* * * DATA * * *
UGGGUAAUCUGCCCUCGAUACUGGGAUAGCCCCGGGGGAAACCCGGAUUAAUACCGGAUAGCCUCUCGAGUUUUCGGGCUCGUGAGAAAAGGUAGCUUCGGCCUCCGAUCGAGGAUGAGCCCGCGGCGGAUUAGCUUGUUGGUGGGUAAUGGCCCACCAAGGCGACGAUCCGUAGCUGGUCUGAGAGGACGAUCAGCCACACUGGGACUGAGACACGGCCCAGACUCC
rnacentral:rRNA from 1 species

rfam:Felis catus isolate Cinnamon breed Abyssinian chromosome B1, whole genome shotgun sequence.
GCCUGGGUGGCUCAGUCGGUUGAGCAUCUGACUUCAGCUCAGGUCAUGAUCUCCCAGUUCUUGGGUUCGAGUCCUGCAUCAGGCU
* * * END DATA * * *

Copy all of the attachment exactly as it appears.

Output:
UGGGUAAUCUGCCCUCGAUACUGGGAUAGCCCCGGGGGAAACCCGGAUUAAUACCGGAUAGCCUCUCGAGUUUUCGGGCUCGUGAGAAAAGGUAGCUUCGGCCUCCGAUCGAGGAUGAGCCCGCGGCGGAUUAGCUUGUUGGUGGGUAAUGGCCCACCAAGGCGACGAUCCGUAGCUGGUCUGAGAGGACGAUCAGCCACACUGGGACUGAGACACGGCCCAGACUCC
rnacentral:rRNA from 1 species

rfam:Felis catus isolate Cinnamon breed Abyssinian chromosome B1, whole genome shotgun sequence.
GCCUGGGUGGCUCAGUCGGUUGAGCAUCUGACUUCAGCUCAGGUCAUGAUCUCCCAGUUCUUGGGUUCGAGUCCUGCAUCAGGCU